An adjournment was then taken. In
Ihe afti.a*puun the delegates were taken
to various places of interest throughout
tho city, and at night there was a recep
tion by the state association and the
citizens generally at the Kirkwaod hoteL
The Xt*w CrnUef Minneapolis Make*
Great Showing
Philadelphia, Juno 8.—llie new Unit
ed States imiser Minneapolis has re
turned from her preliminary builder's trial
trip. The big cruiser acquitted herself
most creditably, proving herself the equal
in every way, if not the superior, of her
sister ship, the Columbia. While it is
true that the Minneapolis did not equal
flie record o.f knots an hour made
by the Columbia on her oHicial trip, she
did better thau did her sister ship on the
preliminary trip of tho latter, the speed
of the Minneapolis being 21 75 knots,
while that of the Columbia M*as but
lio.OS. This was accomplished in spitt
of the fact that tho new ship had to
burn anthracite coah which is regarded
as a handicap, As result of this trial
it is lively predicted that the Minnenpolia
will make at least liS knots on her oil)
cial trial trip.
Men:orial Service*
they carry about -,o00. The electric
street railway is getting nearly all the
bt eincss.
St. Paul, June 8.—Two events of inter
est marked the session of the Catholic
Order of Foresters yesterday. The first
was memorial exercises held at the
Church of the Assumption, and the other
an address made before the delegates by
Archbishop Ireland. Considerable rou
tine business was transacted. Solemn
requiem hiuh mass, offered for the souls
ol tl?e departed members of the orde&
was celebrated at
tf'.veloiio In Oreuun.
Itaker City, Or.. June 8.—A disastrous
/leath-dcaling cyclone passed over a por
tion of Oraut county Saturday. The path
of the cyclone was from Fox Valley to
Long Creek, It demolished everything
iu the way. Jame^i Parish, a farmer, his
wifo and one child were killed. A num
ber of houses were destroyed, aud th#
lass of Jive stock was couiuderable.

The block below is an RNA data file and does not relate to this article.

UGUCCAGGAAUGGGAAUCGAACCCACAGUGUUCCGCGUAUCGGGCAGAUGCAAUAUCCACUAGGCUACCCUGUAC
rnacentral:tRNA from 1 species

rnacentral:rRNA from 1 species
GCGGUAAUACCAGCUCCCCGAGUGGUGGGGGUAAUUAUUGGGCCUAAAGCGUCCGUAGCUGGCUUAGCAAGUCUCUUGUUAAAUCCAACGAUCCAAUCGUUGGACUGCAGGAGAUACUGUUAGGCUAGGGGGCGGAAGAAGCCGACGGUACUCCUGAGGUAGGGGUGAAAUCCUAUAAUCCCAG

Entire llloek Dentroyed.
Fort Worth, Tex., June 8.—Fire or«
iginnting In the house of Jeffreys, Coombs
Aj Co, this morning destroyed the entire
block in which it was situated. Logf
hrj.vy, with only partial insurance.
IteMiionded to the Calk
Akron, Ohio, ,Tune8.—In response to
the governor's cull for troops to suppress
the expected outbreak tOnlav at Cain
bridge, Companies and o, of the
Kighth regiment, left here at ail early
hour this morning for the scene of th#
Tronpn Ordered Oat.
Kenton, Ohio. June 8.—Tho Second in
fantry has been ordered to report at Co
lumbus immediately. Col. Kurt will
concentrate iu this citT.
Indians la "S'cxv Yortr.
New York, Special.—Twenty-live Sioax
Indians from Standing Itoek, N. D.f ar
tivtd here in care of James McLaughlin,
Indian agent. Thev wcr* bound for
Coney Inland and will form the inhabit
pr.ts of a Sioux war village to be located
there for the summer. 1
ho has always been charged as being
tho man who killed Gcu. Custer, acts as
chief. They Ime Sitting Bull's historic
c.iliu aud many war relics.
To-day Tasina Wakan, alias The-Eagle*
Thnt-8tands-iu-the-Door, was married to
High Bear by Itev. John Klroy Lloyd at
Wild West encampment. Brcoklyn. Great
rejoicing aud a dauce amoug tho Indians
followed. High Bear is a chief of stand
ing among the Sioux. Wakan was a
widow, her first husband having been
killed at Wounded Knee in the Sioux
war. Both are well known along tltf
Missouri valley.
Never Equaled.
Duluth, Special.—Duriug the four days
ending last night, seventeen large carriers
elcaicd from Duluth with cargoes aggre
gating 12,000,000 feet of lumber, for Buf
falo, Chicago and Toledo. This is the
largest luuilier fleet that ever left the
heed of the lakes and the cargoes of tho
four days aio valued at $150,000. Prob
ably 0,000,000 feet more will clear be-
fore Saturday from Duluth aud Superior*
n', irjftag ji
4 '9
v" 4